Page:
More than 280 teachers from across the Cherry Creek School District gave up part of their evening on Feb. 16 to attend the district’s first-ever differentiation open house, titled “Tips, Tricks and Tools… Oh my!” The event was held at the Instructional Support Facility and hosted by the district’s elementary differentiation coaches – teacher leaders who receive special training in differentiating instruction for children at different levels or with different learning styles.
“We know that one size doesn’t fit all and as educators we are always working hard to create multiple pathways for students to access the content,” said Summer Snyder, district differentiation coach. She helped organize the event, which had a fun and festive atmosphere and featured dozens of different booths or stations where teachers could get new ideas from colleagues who are differentiation experts.
"This night is set up to support teachers and provide more tools for their tool belt,” Snyder explained. “When teachers stop at a booth, the differentiation coach will explain the strategy or tool, provide multiple examples of how to use it both in elementary and secondary classrooms and give the rationale as to why the strategy works.”
Among the attendees was veteran educator Jenn Padgett. She teaches fifth grade at Arrowhead Elementary and has 13 years of experience, but she is always searching for new ways to meet her students’ needs.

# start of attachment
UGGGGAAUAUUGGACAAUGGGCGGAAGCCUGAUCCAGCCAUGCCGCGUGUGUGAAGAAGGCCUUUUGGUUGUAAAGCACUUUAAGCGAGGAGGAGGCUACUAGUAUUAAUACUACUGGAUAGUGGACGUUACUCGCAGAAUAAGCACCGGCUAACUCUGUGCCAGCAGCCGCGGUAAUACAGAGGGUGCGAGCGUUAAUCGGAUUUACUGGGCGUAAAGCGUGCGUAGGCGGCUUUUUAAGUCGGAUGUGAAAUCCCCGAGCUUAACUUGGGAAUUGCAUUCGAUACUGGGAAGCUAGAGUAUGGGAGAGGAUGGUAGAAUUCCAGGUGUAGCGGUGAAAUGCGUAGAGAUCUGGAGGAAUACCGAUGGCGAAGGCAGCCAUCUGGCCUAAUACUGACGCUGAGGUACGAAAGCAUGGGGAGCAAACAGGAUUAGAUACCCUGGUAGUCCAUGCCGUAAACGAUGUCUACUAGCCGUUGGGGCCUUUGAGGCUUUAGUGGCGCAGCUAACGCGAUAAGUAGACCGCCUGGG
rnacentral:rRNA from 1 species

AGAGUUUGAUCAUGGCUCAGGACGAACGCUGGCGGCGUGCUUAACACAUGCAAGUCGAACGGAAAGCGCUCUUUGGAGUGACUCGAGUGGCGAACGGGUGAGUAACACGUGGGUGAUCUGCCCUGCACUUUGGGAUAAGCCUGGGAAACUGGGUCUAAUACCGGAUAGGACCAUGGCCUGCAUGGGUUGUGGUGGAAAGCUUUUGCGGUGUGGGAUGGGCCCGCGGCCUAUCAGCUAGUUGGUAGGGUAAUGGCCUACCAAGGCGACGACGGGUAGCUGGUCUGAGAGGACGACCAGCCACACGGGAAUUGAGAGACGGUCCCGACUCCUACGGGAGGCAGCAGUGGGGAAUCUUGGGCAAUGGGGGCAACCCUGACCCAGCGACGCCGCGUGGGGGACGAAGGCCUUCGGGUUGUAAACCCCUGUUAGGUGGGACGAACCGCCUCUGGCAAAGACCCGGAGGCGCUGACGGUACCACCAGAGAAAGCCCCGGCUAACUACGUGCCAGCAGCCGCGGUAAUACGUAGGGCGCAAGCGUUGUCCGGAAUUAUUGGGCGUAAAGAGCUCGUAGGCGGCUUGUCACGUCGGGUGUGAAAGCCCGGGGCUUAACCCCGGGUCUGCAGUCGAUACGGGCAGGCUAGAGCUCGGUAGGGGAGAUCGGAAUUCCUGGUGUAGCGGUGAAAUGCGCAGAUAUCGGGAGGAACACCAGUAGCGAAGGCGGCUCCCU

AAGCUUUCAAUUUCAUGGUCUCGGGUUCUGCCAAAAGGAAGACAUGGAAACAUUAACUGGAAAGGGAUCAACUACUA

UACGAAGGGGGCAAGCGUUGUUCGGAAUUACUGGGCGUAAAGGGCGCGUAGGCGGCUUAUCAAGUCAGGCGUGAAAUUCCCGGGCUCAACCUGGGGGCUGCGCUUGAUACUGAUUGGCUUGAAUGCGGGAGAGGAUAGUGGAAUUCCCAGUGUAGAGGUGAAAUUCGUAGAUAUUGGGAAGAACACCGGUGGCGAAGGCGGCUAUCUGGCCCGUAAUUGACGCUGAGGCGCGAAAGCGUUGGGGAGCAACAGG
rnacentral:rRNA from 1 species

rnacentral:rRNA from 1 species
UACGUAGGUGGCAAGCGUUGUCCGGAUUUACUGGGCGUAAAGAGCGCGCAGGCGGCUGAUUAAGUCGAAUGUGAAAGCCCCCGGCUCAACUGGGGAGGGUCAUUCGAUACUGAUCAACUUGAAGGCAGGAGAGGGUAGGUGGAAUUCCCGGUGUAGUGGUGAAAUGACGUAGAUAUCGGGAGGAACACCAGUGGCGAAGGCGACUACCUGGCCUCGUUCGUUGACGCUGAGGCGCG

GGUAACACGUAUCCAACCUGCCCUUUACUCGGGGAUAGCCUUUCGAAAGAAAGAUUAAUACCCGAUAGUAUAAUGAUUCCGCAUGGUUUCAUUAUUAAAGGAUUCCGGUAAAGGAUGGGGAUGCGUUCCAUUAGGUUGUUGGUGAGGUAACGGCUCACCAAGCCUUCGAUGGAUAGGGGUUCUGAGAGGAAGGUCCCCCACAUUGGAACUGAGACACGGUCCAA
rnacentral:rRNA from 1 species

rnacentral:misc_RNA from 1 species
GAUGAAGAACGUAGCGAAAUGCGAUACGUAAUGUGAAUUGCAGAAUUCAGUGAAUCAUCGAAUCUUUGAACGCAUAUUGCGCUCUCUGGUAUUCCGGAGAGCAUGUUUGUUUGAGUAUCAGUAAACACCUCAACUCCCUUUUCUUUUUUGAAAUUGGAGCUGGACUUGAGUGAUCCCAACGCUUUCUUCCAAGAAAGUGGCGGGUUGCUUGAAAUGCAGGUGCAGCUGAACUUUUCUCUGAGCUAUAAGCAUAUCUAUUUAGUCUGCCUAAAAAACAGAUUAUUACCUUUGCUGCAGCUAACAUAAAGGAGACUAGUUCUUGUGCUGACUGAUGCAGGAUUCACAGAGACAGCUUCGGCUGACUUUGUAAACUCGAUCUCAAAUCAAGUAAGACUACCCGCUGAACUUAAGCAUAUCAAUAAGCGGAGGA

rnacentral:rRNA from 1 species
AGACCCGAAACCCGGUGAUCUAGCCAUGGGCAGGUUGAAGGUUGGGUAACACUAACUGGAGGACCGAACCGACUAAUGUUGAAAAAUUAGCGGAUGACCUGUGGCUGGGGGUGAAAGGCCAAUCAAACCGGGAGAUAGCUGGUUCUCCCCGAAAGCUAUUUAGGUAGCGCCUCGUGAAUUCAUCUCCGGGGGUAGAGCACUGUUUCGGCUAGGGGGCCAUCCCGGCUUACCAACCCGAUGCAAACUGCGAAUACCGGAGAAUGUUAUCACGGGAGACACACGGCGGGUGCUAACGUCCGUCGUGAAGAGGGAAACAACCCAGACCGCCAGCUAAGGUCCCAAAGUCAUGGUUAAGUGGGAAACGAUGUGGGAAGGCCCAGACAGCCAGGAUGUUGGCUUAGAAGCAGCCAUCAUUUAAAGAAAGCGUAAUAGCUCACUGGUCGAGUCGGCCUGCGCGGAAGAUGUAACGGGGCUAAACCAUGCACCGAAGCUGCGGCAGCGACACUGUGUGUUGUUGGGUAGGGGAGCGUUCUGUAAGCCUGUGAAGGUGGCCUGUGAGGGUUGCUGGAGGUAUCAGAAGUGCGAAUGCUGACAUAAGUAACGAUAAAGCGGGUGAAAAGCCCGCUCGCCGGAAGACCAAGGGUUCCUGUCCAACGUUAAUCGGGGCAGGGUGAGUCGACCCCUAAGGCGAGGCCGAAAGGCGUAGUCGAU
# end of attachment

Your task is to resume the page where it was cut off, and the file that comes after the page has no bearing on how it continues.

“I’m here today because I enjoy hearing ideas and sharing ideas. You can never get enough ideas about how to differentiate in the classroom,” Padgett said. “I love the opportunity to talk to my colleagues and get ideas from other teachers.”
The free event attracted whole teams of teachers, including the kindergarten team from Highline Community Elementary.
“In kindergarten, you have a range of learners; some who are still learning foundational skills and some who are already readers. We want to be able to support all of our kids,” said kindergarten teacher Brandi Garcia.
“We’re looking for ways to engage the kids and get them thinking in different ways about problem-solving and learning,” added fellow kindergarten teacher Dionne Williams. “As we’ve gone around, we’ve asked a lot of presenters how we can use this for kindergarten. A lot of them have been able to give us suggestions of ways to use it effectively at the kindergarten level and that’s been really helpful.”
Presenters emphasized the five pillars of effective differentiation: classroom environment, curriculum, formative assessment, respectful tasks and instructional arrangement. They also shared more than 35 research-based strategies to support differentiation and student engagement.